Both the mean rank and the number of mentions for “well rounded” were somewhat surprising, as it was ranked above both leadership and character and mentioned nearly as many times as “understanding of the profession.” This is likely to be considered important as it is an index of other traits, such as academic ability and social or communication skills. Leadership's appearance was also surprising, as it is less clear how leadership abilities translate to success in the program, though it also may be valued as a reflection of other important attributes such as social and communication skills.

Clinical faculty results

The constructs unique to the clinical survey – adequate knowledge base, compassion, adaptability, and a good attitude – were not surprising. In the preveterinary and preclinical curriculum, where most work is completed individually in a classroom and most performance is assessed by multiple choice examinations, compassion, adaptability, and good attitude may be less important than in the clinic where performance depends on the ability to interact successfully with clients, patients, and peers in a complex environment. In addition, a good knowledge base is the intended result of the preclinical curriculum, and undergraduate grades are taken as a surrogate for knowledge base during the admissions process. Given the clinical faculty's propensity to list “soft” skills, it was surprising that leadership was only mentioned by the application reviewers. Perhaps with the presence of interns and residences, there are fewer opportunities for students to lead.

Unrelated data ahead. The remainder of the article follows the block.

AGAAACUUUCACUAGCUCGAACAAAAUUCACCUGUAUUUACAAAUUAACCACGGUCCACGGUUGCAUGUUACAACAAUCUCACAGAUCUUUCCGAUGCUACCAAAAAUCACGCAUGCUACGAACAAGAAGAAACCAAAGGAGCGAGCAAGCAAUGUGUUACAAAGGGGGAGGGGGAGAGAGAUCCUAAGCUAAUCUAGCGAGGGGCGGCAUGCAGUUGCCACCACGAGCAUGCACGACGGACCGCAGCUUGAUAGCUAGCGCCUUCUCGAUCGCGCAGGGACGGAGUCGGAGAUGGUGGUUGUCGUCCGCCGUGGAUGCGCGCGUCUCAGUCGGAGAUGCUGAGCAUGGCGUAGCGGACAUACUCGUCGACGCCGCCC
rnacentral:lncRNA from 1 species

The recent emphasis on competency-based education in colleges of veterinary medicine sets desirable goals for the DVM curriculum. Accordingly, our college has adopted the competency goals of the AAVMC's Competency-Based Veterinary Education (CBVE) initiative. Thus, it is not surprising that many of the qualities and traits identified as desirable both by reviewers of applicant files and clinical faculty (e.g., communication skills and ethical) reflect the CBVE competency domains. Other traits or qualities considered to be desirable in an applicant or student (e.g., organized, mature, and adaptable) seem to reflect more basic personal characteristics that arguably make an individual more likely to become competent in the CBVE domains.